Wrong direction abundantly clear as family income falls vs. rising costs
Economic data released this past week shows that Labor Day under President Bush means a stark reality for thousands of families who have to work harder just to stay above their family income from the year before.
The past five and a half years have been characterized by a drop in real income for families, an increase in the number of people in poverty, a dramatic increase in the number of Americans without health insurance, and increased difficulties with obtaining an affordable college education.
"The foundation of the American dream is that if you work hard, you can get ahead," said Rep. Wasserman Schultz. "Americans continue to work hard, but they can't keep up with increases in health care premiums, gasoline and energy costs, and college tuition. Continually passing tax cuts for the wealthiest of Americans just doesn't help the average American family address these increased costs."
This past week saw the release of Census Bureau statistics on the economy. The findings were grim:
· The typical American household's real (inflation-adjusted) income rose a modest 1.1 percent from $45,817 in 2004 to $46,326 in 2005. Despite the gain in 2005, real median household income has declined by $1,273 during the Bush administration's first five years.
· The poverty rate in 2005 was 12.6 percent, statistically unchanged from its level of 12.7 percent in 2004. Since 2000, the poverty rate has increased by 1.3 percentage points. There were nearly 37 million people in poverty in 2005, an increase of 5.4 million during the Bush administration. The Census defines the poverty line for a family of four as $20,144 in 2005.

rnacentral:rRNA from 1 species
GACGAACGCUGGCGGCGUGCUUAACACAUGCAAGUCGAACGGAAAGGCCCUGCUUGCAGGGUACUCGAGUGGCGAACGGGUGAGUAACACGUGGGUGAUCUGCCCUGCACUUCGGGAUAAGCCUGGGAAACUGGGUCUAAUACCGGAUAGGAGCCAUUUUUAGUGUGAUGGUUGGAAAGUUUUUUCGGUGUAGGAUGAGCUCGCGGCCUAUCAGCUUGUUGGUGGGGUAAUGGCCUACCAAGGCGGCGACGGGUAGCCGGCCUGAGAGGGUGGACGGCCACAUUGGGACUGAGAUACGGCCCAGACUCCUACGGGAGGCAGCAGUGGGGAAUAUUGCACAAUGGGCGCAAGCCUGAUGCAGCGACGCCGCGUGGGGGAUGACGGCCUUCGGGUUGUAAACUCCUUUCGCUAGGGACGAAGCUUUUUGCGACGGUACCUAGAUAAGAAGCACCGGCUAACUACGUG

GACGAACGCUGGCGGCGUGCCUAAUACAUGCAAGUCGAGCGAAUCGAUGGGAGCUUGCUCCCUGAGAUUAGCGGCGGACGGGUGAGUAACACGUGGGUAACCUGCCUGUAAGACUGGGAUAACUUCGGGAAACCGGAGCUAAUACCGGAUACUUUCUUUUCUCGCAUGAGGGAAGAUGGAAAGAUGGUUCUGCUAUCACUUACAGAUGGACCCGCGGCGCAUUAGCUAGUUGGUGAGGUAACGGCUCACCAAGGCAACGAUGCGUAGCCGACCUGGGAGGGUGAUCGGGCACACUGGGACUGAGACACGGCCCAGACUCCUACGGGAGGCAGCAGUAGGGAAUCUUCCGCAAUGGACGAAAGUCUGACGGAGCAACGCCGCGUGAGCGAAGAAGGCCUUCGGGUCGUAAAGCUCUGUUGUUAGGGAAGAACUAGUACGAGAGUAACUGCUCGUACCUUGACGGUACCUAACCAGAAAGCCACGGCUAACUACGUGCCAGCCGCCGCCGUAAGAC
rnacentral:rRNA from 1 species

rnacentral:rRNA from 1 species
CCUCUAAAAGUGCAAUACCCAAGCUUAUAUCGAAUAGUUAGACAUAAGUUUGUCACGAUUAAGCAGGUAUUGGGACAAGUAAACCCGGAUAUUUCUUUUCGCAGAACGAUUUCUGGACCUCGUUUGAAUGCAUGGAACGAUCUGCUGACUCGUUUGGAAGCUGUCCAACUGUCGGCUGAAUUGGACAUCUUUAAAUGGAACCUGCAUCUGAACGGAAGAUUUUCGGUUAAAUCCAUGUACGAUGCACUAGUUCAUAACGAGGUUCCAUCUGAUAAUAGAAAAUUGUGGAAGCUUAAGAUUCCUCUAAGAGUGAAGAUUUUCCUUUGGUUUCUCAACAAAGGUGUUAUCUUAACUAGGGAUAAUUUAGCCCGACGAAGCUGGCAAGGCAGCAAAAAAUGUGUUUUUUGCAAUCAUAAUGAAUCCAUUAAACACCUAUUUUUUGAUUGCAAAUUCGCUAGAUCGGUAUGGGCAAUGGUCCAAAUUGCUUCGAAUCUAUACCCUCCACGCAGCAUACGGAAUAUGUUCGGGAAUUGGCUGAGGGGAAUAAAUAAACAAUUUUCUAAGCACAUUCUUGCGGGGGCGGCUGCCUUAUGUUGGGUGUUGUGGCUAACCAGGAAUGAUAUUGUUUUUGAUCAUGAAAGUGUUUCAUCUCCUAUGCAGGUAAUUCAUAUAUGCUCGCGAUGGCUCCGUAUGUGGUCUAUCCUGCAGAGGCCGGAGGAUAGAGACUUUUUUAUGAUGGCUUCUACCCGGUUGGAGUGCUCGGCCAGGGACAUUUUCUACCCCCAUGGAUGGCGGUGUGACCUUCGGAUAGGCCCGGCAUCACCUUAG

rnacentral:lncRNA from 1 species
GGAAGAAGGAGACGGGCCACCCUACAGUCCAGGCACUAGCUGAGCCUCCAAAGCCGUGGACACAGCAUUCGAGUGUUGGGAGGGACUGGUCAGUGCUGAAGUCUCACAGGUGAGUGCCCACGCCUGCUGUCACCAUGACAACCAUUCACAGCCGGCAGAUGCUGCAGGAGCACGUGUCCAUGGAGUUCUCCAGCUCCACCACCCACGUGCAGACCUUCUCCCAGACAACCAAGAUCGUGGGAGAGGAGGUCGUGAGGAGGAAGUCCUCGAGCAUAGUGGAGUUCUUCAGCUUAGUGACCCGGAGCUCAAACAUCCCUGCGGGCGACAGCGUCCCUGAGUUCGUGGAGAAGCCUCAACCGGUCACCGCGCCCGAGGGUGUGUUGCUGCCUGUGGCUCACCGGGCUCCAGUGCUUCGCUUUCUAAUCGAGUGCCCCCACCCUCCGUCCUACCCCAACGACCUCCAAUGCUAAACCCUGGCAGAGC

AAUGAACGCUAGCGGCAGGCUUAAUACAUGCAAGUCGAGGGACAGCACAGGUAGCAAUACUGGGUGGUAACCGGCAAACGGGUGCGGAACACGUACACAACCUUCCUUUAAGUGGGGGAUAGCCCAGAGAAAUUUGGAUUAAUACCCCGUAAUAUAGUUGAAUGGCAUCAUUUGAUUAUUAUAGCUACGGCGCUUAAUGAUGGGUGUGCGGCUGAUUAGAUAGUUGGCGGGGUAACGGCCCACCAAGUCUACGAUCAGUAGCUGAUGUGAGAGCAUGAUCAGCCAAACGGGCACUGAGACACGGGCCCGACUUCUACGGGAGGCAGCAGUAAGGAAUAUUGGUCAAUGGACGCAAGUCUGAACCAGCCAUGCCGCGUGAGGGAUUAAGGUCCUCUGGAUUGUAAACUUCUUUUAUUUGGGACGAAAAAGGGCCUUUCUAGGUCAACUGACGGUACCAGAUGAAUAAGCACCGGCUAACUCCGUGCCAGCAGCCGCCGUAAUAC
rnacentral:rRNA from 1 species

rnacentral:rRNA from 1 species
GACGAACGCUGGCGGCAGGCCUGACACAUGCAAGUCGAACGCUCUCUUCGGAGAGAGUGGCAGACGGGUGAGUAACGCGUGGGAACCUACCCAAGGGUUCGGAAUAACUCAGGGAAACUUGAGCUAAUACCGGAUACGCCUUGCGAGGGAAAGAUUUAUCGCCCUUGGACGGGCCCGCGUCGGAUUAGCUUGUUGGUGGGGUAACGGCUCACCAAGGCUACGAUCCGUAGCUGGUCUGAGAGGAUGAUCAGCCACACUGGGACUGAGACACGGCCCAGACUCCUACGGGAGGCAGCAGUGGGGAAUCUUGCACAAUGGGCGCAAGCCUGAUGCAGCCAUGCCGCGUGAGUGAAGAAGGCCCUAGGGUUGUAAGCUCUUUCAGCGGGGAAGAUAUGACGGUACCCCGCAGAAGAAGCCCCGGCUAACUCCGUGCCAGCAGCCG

· The number of uninsured Americans rose to 46.6 million in 2005-1.3 million more than in 2004. More Americans are now without health insurance than at any point since the Census Bureau began collecting comparable data starting in 1987. Since 2000, the number of uninsured Americans has grown by 6.8 million.
"This Labor Day we should stop and ask ourselves, are we better off now then we were five years ago?' " said Rep. Wasserman Schultz. "Unfortunately for million of American families who now make $1,300 less a year than just five years ago, the answer is a resounding no."
Since 2000, the following costs have been squeezing the average American family:*
· Cost of gasoline: UP 73%
· Cost of employee health insurance premiums: UP 55%
· Cost of college: UP 28%
Additionally, the national minimum wage has not risen since 1997 and neither Congress nor the President have pushed to increase the minimum wage. At the current minimum wage of $5.15 an hour, a person working 40 hours a week, and never taking a vacation, would make only $10,712 a year -almost $10,000 below the poverty line for a family of four
"I believe that we need a new direction for America" said Rep. Wasserman Schultz. "We need to raise the minimum wage, repeal tax giveaways that encourage companies to move high paying jobs overseas, make college tuition deductible from taxes, expand Pell grants and cut student loan costs."